(GM) General Musings: A debate over ESPN’s Hall of 100

  • Mike Levine · Data Analyst at Good Technology

    Not sure how anyone puts A-Rod ahead of Jeter on any list…
    • Josh Darnell · Top Commenter · Houston, Texas

      Because Arod is/was better than Jeter?
    • Josh Darnell oh you must mean when he was using the juice… which was his whole career, until recently… when he has been clearly worse….
    • Andy Shapley · Top Commenter

      Based on performance on the field, only. If you remove their names and look at stats, it’s Arod. Heck, how does Jeter move up after barely playing in 2013 and having a below average 2014?
    • Josh Darnell · Top Commenter · Houston, Texas

      Mike Levine So steroids, and steroids alone made Arod one of the greatest players of all time? Arod is a DB, no doubt about that, but you can’t deny his talent, which has been there since basically high school. He said he didn’t start until reaching the Rangers, which is probably doubtful, but he was a stud and still the best SS in the game before that (and got robbed of one MVP).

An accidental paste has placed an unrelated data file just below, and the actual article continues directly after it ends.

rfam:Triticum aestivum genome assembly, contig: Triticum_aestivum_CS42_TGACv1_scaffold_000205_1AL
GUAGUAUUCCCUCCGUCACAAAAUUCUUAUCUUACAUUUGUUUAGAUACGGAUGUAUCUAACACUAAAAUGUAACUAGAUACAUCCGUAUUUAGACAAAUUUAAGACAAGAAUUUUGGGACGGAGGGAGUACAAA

• Andrew Santi · Top Commenter · Meat Department Clerk at Kroger

      So you only want to judge A-Rod vs. Jeter using a time when they were both clean… So you choose 2012-2014-ish… When both players are in their upper 30’s… That makes sense… Also, and I can not stress this enough, seeing as it was the whole point of this article, this ranking does not factor PED’s or anything else into the ranking. Just, who were the best baseball players on the field, period. Not who were the best clean players. Not who were the best players then add a penalty for PED suspicion. Just who played the best baseball, no matter how they got there… And the answer of A-Rod vs. Jeter is pretty simple when you boil it down that far. It’s A-Rod. In a landslide. And I HATE A-Rod. And I respect the heck out of Jeter. I would root for Jeter over A-Rod in any situation, but A-Rod put a better product on the field than Jeter did… Simple as that.
  • Rolla Baumgartner · Indiana University